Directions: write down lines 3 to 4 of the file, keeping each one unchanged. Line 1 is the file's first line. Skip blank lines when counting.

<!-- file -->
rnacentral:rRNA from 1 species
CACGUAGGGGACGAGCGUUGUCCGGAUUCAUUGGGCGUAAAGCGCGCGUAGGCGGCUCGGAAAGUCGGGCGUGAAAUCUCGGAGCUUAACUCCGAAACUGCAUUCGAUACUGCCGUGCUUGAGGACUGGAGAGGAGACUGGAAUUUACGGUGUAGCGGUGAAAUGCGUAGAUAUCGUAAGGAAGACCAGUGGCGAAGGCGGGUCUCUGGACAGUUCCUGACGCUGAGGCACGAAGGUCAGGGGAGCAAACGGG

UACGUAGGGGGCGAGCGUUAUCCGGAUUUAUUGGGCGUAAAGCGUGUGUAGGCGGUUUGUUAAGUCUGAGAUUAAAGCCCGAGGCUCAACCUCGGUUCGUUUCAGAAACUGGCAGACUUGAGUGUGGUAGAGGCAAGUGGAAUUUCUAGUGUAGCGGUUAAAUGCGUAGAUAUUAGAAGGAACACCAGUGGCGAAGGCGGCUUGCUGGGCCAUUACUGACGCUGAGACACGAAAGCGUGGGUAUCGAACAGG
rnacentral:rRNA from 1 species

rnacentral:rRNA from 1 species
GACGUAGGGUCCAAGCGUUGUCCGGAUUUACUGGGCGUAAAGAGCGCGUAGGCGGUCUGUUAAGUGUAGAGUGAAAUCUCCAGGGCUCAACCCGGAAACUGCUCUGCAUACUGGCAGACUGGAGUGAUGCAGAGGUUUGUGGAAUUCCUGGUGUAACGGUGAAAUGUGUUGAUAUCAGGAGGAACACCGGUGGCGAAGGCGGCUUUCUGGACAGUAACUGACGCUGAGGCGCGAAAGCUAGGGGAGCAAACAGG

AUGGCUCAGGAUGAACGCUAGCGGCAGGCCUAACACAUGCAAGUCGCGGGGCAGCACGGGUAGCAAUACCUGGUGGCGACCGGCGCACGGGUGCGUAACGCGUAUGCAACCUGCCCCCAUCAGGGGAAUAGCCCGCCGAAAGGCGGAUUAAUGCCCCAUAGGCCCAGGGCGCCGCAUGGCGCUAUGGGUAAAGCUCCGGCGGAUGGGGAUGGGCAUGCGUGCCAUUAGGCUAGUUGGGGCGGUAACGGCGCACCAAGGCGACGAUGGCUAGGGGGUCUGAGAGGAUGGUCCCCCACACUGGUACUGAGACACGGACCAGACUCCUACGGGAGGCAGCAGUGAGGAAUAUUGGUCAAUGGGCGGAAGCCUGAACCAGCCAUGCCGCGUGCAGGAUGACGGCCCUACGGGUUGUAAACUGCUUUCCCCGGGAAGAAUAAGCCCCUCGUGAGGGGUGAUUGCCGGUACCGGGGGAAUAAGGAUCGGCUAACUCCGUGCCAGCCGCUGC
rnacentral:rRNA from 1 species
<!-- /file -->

UACGUAGGGGGCGAGCGUUAUCCGGAUUUAUUGGGCGUAAAGCGUGUGUAGGCGGUUUGUUAAGUCUGAGAUUAAAGCCCGAGGCUCAACCUCGGUUCGUUUCAGAAACUGGCAGACUUGAGUGUGGUAGAGGCAAGUGGAAUUUCUAGUGUAGCGGUUAAAUGCGUAGAUAUUAGAAGGAACACCAGUGGCGAAGGCGGCUUGCUGGGCCAUUACUGACGCUGAGACACGAAAGCGUGGGUAUCGAACAGG
rnacentral:rRNA from 1 species